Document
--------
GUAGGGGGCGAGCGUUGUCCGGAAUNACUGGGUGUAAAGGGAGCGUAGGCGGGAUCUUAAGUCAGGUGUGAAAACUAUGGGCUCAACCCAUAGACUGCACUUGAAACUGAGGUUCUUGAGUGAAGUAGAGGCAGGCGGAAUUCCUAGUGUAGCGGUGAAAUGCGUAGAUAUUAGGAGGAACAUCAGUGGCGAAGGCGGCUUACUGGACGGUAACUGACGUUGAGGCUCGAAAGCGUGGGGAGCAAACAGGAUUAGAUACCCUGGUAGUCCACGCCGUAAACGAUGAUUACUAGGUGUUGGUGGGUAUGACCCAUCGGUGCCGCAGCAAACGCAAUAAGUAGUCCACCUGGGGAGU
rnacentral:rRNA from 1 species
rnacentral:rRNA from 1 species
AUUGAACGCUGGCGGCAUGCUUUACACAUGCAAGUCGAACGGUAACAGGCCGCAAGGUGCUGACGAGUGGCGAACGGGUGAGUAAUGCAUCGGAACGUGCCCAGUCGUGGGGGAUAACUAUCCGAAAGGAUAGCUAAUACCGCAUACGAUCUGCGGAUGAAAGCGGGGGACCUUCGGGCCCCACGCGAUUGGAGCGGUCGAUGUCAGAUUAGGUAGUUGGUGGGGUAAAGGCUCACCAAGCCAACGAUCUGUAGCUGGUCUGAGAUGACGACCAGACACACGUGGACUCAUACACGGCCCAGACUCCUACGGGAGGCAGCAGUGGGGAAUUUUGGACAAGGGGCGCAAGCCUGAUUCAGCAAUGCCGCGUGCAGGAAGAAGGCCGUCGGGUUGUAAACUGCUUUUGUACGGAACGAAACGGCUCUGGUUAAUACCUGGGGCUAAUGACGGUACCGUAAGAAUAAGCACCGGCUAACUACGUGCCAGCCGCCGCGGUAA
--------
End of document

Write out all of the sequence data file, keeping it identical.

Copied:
GUAGGGGGCGAGCGUUGUCCGGAAUNACUGGGUGUAAAGGGAGCGUAGGCGGGAUCUUAAGUCAGGUGUGAAAACUAUGGGCUCAACCCAUAGACUGCACUUGAAACUGAGGUUCUUGAGUGAAGUAGAGGCAGGCGGAAUUCCUAGUGUAGCGGUGAAAUGCGUAGAUAUUAGGAGGAACAUCAGUGGCGAAGGCGGCUUACUGGACGGUAACUGACGUUGAGGCUCGAAAGCGUGGGGAGCAAACAGGAUUAGAUACCCUGGUAGUCCACGCCGUAAACGAUGAUUACUAGGUGUUGGUGGGUAUGACCCAUCGGUGCCGCAGCAAACGCAAUAAGUAGUCCACCUGGGGAGU
rnacentral:rRNA from 1 species
rnacentral:rRNA from 1 species
AUUGAACGCUGGCGGCAUGCUUUACACAUGCAAGUCGAACGGUAACAGGCCGCAAGGUGCUGACGAGUGGCGAACGGGUGAGUAAUGCAUCGGAACGUGCCCAGUCGUGGGGGAUAACUAUCCGAAAGGAUAGCUAAUACCGCAUACGAUCUGCGGAUGAAAGCGGGGGACCUUCGGGCCCCACGCGAUUGGAGCGGUCGAUGUCAGAUUAGGUAGUUGGUGGGGUAAAGGCUCACCAAGCCAACGAUCUGUAGCUGGUCUGAGAUGACGACCAGACACACGUGGACUCAUACACGGCCCAGACUCCUACGGGAGGCAGCAGUGGGGAAUUUUGGACAAGGGGCGCAAGCCUGAUUCAGCAAUGCCGCGUGCAGGAAGAAGGCCGUCGGGUUGUAAACUGCUUUUGUACGGAACGAAACGGCUCUGGUUAAUACCUGGGGCUAAUGACGGUACCGUAAGAAUAAGCACCGGCUAACUACGUGCCAGCCGCCGCGGUAA